The war victories in Iraq and Afghanistan were the easy parts of the US antiterror campaign compared with the diplomatic war just launched by President Bush.
Mr. Bush laid out a "road map" in early May to end the Israel-Palestinian conflict and thus end an incentive for anti-American action by militant Arabs. How's the "war" going so far? If it were covered as intensely by the media as the Iraq war was, early battlefield reports would reveal heavy US losses.
Israel hasn't accepted the road map as is, and its prime minister, Ariel Sharon, wants to bypass Secretary of State Colin Powell and deal directly with President Bush next week in hopes of adding conditions to the US plan. And the new Palestinian prime minister, Mahmoud Abbas, would rather criticize Israel than take steps like reducing official invective against Jews and Zionism, or collecting weapons from Palestinian militants.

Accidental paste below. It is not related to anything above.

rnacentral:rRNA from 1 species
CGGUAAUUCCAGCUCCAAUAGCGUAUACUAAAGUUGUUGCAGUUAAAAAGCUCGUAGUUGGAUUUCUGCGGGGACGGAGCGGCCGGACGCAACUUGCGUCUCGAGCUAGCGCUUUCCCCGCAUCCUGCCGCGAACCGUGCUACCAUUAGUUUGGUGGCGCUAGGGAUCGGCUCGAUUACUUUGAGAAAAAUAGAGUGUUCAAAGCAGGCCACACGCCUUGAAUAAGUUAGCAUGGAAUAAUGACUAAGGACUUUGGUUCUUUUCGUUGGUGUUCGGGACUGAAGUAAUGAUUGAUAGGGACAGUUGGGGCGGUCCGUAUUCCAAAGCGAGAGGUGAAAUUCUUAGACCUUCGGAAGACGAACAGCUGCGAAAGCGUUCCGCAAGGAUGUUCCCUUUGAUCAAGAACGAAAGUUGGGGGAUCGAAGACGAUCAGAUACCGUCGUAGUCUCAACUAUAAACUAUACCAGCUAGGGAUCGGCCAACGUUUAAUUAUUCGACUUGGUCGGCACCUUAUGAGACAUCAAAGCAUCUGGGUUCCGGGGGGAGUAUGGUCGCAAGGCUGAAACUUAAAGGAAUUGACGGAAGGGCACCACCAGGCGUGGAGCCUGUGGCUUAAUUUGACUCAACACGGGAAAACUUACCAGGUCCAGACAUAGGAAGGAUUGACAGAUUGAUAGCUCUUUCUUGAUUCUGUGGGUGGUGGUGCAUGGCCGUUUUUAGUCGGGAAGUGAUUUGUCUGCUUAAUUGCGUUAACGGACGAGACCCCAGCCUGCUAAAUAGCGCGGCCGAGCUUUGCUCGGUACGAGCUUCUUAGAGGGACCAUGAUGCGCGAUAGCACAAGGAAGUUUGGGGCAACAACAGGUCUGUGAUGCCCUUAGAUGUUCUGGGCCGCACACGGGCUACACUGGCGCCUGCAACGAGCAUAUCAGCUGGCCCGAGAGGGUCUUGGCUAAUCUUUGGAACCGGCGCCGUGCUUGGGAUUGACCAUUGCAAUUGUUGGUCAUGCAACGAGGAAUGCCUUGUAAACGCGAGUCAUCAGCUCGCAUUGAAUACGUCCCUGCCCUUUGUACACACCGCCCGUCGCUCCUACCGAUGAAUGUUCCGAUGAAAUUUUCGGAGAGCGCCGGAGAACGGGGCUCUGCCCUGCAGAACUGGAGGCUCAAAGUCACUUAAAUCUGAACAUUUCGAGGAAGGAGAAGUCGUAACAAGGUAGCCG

Bush can view these early setbacks as about par for a longstanding conflict. But if he seeks reelection without making progress in creating a Palestinian state by 2005, Americans might begin to think he's not the antiterror war commander that he has been up to now.
He'll need to make sure both Israeli and Palestinian leaders take major steps in tandem, as the road map outlines, rather than letting one side wait for the other side to act. For instance, Bush may be reluctant to force Israel to stop expansion of Jewish settlements or even dismantle some. Yet such actions are as necessary as those Bush ordered in the other two wars.